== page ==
Whether you are printing on fabric or paper, the important thing is not to let the steamer run out of water.  Do this by starting with nearly 2 inches of water or dye bath in the bottom pan.  Use whatever rack you have available to hold your bundles or prints above the boiling water.  For paper prints, I lay a ceramic tile on the bottom rack then stack dampened papers and plant materials (up to 11 layers) then place the 2nd ceramic tile on top to weight the pile down for good contact.  Place the 2nd aluminum roasting pan upside down on top of the first pan, and use binder clips, bulldog clips or whatever type of clips you have that will withstand the oven temperature to hold the two pans together during steaming.  Place the steamer in a preheated oven at 225 degrees (F).  Close the oven and let cook for approx. 1 hr. or 1 + 1/2 hrs. Turn off the heat and let the steamer cool in the oven overnight.  The next day, remove the cover pan  and the ceramic tile "bundle" from the steamer.  begin to separate thee layers of paper/plant materials.  If the paper is stuck together tightly, pick the stack up and run cold water over it as you separate the layers.  If plant material sticks to it, it is O.K.  When the print is dry, the vegetative material will usually peel away.  If it doesn't you may hold it under running water until it loosen then dry the print again.  I dry my prints by hanging them like laundry on a clothesline with wooden clothespins.  I hope this is helpful. .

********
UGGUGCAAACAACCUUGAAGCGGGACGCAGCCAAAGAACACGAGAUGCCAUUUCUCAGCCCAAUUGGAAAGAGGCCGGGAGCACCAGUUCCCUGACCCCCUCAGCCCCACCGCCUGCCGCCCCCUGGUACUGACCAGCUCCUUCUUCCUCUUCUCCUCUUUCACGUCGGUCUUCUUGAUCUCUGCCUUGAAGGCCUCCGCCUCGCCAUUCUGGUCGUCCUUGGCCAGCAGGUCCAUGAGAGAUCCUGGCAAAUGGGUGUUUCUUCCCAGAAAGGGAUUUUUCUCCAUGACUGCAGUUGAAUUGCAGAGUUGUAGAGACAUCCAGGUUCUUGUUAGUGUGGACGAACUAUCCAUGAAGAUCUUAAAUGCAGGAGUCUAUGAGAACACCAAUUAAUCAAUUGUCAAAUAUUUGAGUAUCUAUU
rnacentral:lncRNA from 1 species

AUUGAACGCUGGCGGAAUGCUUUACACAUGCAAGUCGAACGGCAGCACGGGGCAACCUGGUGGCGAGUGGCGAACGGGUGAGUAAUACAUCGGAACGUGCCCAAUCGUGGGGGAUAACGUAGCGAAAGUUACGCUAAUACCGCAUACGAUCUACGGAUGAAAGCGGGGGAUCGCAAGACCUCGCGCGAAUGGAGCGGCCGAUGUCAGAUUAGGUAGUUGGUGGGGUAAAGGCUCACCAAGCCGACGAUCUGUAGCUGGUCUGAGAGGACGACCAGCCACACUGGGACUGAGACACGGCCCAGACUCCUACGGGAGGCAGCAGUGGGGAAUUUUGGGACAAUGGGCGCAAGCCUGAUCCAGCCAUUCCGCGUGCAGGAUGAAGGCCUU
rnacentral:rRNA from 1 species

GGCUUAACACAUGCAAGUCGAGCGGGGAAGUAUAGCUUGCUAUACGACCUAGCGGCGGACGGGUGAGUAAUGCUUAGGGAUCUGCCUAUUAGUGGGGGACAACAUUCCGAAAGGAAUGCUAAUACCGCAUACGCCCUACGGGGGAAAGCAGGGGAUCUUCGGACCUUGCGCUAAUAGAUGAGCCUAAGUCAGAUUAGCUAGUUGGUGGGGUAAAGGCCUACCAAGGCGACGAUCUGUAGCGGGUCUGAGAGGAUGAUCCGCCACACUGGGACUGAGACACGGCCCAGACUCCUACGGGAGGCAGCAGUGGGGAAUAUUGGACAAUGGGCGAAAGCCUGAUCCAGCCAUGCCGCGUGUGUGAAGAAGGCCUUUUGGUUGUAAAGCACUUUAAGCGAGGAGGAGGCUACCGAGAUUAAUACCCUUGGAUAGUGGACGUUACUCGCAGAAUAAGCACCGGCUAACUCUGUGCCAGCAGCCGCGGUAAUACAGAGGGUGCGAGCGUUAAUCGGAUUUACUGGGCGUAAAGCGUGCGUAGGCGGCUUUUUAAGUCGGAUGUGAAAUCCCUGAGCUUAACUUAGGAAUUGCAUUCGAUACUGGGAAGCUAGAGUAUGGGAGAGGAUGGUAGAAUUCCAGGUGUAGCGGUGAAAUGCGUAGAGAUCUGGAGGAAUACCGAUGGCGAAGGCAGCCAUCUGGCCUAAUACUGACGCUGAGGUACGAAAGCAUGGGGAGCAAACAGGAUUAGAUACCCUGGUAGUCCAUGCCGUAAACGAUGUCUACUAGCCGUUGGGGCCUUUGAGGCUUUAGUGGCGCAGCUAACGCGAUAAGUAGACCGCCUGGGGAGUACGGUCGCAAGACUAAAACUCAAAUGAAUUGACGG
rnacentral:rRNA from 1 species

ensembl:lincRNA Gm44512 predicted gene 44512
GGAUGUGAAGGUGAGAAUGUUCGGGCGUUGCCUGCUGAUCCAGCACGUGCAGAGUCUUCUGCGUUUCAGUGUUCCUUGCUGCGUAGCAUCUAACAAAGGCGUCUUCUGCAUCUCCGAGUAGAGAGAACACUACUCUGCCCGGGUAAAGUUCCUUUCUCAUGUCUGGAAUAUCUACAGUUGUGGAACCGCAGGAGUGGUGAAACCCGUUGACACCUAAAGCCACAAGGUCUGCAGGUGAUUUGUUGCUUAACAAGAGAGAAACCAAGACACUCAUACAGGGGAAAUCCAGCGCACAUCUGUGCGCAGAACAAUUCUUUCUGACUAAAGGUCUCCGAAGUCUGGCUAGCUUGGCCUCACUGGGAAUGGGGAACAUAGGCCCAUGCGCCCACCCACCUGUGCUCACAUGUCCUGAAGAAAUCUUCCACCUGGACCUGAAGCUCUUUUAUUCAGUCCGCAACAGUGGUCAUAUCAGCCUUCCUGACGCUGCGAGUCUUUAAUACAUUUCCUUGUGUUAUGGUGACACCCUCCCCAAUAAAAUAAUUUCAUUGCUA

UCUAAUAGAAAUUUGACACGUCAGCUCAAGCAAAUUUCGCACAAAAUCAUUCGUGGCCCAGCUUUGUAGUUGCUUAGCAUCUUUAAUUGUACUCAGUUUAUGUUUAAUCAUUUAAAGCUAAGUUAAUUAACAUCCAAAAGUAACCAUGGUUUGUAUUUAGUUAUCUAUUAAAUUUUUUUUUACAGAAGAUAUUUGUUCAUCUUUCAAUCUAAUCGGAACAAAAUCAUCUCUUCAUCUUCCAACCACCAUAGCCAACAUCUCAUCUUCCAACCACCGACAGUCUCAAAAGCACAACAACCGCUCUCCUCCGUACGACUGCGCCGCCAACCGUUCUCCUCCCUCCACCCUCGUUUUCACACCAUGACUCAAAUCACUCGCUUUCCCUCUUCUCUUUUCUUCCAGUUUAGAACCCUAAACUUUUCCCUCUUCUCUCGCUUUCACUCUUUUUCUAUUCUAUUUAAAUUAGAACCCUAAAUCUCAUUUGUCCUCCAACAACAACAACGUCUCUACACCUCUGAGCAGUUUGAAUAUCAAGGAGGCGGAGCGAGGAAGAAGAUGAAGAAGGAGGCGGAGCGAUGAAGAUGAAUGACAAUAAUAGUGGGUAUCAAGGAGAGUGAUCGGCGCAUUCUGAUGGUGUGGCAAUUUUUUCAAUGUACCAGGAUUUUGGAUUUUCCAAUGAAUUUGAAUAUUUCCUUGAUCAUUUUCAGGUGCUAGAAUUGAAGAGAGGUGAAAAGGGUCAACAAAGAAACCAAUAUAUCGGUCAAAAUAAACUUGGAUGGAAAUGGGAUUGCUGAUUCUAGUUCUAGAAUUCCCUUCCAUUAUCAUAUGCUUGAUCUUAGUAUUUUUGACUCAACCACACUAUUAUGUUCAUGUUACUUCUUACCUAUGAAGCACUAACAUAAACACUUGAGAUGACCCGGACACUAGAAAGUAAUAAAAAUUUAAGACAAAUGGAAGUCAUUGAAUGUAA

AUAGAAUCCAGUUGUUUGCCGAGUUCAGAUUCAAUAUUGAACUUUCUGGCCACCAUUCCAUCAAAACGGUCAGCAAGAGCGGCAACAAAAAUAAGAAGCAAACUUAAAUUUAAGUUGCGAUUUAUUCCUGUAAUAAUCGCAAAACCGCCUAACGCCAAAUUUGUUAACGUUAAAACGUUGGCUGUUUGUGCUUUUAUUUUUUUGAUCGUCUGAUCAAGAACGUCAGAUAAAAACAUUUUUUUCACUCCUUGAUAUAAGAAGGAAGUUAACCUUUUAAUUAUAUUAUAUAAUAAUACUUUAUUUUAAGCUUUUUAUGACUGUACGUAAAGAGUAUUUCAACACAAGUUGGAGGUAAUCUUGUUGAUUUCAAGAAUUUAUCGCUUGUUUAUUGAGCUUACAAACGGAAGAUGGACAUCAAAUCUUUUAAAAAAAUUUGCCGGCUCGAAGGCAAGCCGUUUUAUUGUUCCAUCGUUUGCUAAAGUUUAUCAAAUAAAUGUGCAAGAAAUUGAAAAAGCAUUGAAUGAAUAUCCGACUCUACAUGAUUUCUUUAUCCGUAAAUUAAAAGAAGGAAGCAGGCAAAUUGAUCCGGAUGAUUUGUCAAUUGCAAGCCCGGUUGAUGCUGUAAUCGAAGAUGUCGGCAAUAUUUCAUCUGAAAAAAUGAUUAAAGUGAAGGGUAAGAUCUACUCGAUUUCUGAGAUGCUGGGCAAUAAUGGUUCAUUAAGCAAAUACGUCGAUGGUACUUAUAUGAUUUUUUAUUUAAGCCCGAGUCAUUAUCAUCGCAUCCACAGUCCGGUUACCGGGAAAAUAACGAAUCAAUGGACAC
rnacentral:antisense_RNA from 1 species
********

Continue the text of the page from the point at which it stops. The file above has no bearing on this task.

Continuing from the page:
Monday, July 30, 2012

I have been experimenting with Pignut hickory (Carya glabra).  I tried the Gesner mordant assessment method, and was quite pleased with the number of different colors or shades of dye that were possible.  After boiling young green Pignut Hickory nuts still in their green hulls for about an hour in a stainless steel pot, I dyed a piece of Tannin mordanted cotton muslin and hung it up to dry.  In the accompanying photo, it is the light tannish piece of fabric to the left. I then took 4 containers and put 1/4 cup of the dye bath into the container and added 4 different mordants; vinegar, alum, soda ash and iron.  The strip of fabric down the center shows the result of dipping tannin mordanted cotton muslin in each mixture in the order listed.  After seeing the results of my experiment, I took 6 cups of dyebath and added the 1/4 cup mixture with iron.  The resulting color is the piece of fabric to the left, a really nice dark grey.  I also took 2 cups of the dyebath and put it in a copper kettle and simmered it first for 20 minutes, then 1 hr., then 2 hrs.  Each time I dipped a piece of paper toweling into the kettle and hung to dry.  The paper strips across the bottom of the photo are the results of the dye on paper.  There is a much more red tone to the brown when the copper kettle as used.  This assessment method is a very worthwhile way to test your dyes for what mordants will do and how to use them to modify colors.